One spring afternoon in 1992, my mother and I went to the pet store to buy birdseed and walked out with four baby chicks.
Whenever our family acquired a new pet, my mother was the driving force in the transaction. She often spoke dreamily about retiring and owning a farm. My childhood home became a veritable mini zoo over the years, hosting pet mice, hamsters, guinea pigs, fish, cockatiels, cats, garter snakes, and a lizard. There was also a strong-minded rabbit that chewed electrical wiring underneath the house—a misdemeanor that’s still a sore subject for my father.
I don’t recall who noticed the chicks in the store first, only that the decision to bring them home happened with little fanfare. Soon my mother and I were walking up our front porch with a cardboard box, feeling the weight of the tiny birds—two Rhode Island Reds and two Leghorns—scampering about inside as they emitted quiet chirps.
In the northern California suburb where I grew up, a city ordinance allowed households to own up to four hens, but I knew of no other families who kept chickens. Sandwiched between a freeway and a sleepy mobile home community, our neighborhood was perhaps less than idyllic for roaming farm animals.
None of this bothered my mother. She hired a family friend to construct a plywood coop in our yard, and thus began our spontaneous stint in chicken keeping.
Every morning, we’d fling open the coop door and the chickens tumbled out in a swirl of feathers, squawking at our feet. They soon recognized our voices, darting over to the kitchen window whenever my mom called, “Here, chick chick!”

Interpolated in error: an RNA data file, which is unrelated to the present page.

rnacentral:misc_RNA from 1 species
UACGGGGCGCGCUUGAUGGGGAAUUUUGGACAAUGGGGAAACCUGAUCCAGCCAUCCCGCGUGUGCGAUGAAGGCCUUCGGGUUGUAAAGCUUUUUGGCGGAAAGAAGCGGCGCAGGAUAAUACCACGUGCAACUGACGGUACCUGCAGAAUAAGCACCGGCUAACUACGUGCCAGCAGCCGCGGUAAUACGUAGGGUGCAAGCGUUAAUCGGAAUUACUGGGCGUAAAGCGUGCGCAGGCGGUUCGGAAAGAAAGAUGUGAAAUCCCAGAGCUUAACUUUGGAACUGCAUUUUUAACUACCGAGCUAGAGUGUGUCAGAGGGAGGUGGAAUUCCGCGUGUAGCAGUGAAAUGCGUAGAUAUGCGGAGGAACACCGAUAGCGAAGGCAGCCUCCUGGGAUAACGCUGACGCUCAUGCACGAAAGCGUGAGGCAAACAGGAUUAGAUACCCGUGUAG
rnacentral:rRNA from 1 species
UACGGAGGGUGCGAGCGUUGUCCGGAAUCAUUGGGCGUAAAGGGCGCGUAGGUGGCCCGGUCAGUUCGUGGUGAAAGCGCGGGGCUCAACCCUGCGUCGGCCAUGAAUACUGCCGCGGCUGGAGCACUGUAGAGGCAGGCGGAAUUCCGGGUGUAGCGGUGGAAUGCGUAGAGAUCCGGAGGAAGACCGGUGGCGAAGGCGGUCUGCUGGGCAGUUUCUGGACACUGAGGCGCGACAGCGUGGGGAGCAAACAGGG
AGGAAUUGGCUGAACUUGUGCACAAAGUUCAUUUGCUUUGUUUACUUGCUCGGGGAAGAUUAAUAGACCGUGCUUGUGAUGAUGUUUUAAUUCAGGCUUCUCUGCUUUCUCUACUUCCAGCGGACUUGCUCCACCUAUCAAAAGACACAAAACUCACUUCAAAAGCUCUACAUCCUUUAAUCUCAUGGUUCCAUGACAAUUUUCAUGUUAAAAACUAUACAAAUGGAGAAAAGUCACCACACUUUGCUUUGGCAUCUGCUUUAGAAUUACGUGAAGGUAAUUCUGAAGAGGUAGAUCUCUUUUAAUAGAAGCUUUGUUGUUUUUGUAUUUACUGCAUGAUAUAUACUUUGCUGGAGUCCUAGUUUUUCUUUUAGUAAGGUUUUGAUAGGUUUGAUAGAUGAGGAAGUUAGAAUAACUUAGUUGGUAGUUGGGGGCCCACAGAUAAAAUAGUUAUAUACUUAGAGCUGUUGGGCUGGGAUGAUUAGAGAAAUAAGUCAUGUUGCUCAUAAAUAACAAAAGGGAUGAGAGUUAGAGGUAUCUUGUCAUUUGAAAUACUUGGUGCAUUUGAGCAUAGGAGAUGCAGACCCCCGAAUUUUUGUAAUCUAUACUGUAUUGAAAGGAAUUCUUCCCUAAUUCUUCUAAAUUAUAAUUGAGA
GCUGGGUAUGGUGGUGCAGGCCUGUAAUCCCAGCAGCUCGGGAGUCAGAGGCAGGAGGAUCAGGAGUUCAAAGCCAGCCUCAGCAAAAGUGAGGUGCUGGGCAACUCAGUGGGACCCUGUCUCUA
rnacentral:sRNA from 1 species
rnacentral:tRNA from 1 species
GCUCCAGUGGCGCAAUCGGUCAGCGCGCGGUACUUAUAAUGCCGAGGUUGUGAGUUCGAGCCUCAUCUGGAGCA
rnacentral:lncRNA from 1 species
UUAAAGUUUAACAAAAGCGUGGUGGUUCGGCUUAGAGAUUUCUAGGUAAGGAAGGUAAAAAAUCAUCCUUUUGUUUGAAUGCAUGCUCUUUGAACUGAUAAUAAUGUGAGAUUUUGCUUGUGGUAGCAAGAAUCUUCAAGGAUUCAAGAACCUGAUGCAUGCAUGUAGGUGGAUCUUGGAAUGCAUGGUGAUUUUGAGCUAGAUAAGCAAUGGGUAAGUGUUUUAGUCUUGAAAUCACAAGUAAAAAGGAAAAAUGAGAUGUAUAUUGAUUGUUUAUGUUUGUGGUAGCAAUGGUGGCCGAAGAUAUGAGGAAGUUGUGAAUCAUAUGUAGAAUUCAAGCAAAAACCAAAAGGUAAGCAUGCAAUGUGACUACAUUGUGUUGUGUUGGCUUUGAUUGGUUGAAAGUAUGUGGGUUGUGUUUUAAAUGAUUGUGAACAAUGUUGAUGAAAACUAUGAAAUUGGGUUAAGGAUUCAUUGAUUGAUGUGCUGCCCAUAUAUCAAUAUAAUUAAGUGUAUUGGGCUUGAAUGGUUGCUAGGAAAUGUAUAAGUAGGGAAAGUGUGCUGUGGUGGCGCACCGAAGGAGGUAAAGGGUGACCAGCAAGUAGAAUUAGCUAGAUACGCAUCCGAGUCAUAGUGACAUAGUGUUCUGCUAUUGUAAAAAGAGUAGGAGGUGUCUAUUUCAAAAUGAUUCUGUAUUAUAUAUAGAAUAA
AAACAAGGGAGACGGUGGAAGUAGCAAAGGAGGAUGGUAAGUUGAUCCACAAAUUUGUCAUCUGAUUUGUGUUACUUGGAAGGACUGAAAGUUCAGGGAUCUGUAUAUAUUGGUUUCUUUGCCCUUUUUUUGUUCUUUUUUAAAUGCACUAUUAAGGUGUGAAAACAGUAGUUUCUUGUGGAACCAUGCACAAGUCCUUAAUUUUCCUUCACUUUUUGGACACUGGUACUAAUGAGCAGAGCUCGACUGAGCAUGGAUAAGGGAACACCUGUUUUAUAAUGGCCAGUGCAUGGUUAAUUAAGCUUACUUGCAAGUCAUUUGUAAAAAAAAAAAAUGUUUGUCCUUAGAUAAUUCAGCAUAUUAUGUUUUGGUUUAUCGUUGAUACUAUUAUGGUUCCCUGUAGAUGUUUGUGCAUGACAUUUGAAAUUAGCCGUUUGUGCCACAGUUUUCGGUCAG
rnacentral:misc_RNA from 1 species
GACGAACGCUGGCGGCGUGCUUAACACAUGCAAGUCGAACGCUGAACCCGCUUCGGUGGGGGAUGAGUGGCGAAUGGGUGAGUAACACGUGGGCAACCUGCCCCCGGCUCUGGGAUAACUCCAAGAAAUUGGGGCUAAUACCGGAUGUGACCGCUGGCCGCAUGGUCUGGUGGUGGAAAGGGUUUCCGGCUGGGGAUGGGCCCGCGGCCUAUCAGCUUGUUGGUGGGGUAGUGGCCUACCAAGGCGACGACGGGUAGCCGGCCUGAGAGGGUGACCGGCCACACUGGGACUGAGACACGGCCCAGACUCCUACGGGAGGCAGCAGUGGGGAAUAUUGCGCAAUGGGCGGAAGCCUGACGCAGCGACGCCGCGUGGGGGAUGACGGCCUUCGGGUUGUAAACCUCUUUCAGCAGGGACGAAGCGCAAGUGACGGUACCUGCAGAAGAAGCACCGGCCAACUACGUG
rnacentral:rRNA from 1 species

Chickens are not the most huggable creatures, but I give our hens credit: They tolerated our attempts to cuddle them, allowing us to pick them up and stroke their feathers. In our family video archive, there’s a blurry clip of a 13-year-old me sporting curled bangs and an oversized sweatshirt, cradling a Leghorn in my arms.
By day, the birds moseyed around our yard and sometimes those of our neighbors, scouring the ground for bugs and tender green grass. Occasionally, the hens got into mischief and wandered onto our next-door neighbor’s immaculate lawn. But they always came back by dinnertime, happy to hear my mother’s familiar croon from the window.
In parenting and chicken keeping, my mom was the same: loving, unfussy, and equipped with seemingly endless affection. While my father wanted nothing to do with the birds, my mother was unperturbed by their noise, mess, and disregard for boundaries. At least once a week, the hens wandered up our porch steps and into the house, and my mother chided them playfully as if they understood her. “Now, girls, did I say you could come inside?”
It was not simply that my mother tolerated the chaos the chickens generated; she welcomed it. She was happiest when surrounded by her brood, and my brother, sister, and I were its inaugural members. Years before our fateful visit to the pet store, my mother nicknamed me “Miss Chick”—and the moniker stuck well into my teenage years.
Even though our chickens appeared content, there was unrest in the brood. Three of the hens pecked at one of the Rhode Island Reds until the poor creature was scantily feathered and beyond saving. Heartbroken, my mother insisted on going to the vet so the bird could be euthanized. My aunt was visiting from out of town and reluctantly chaperoned the excursion, holding the ailing hen on a towel in the passenger’s seat as my mom drove.
“Pet her, and stroke her,” my mother instructed. My aunt was appalled. “I am not stroking this mangy animal!”
Back then, it cost about $30 to put down a chicken. My mother paid cash for the procedure so my father wouldn’t find out.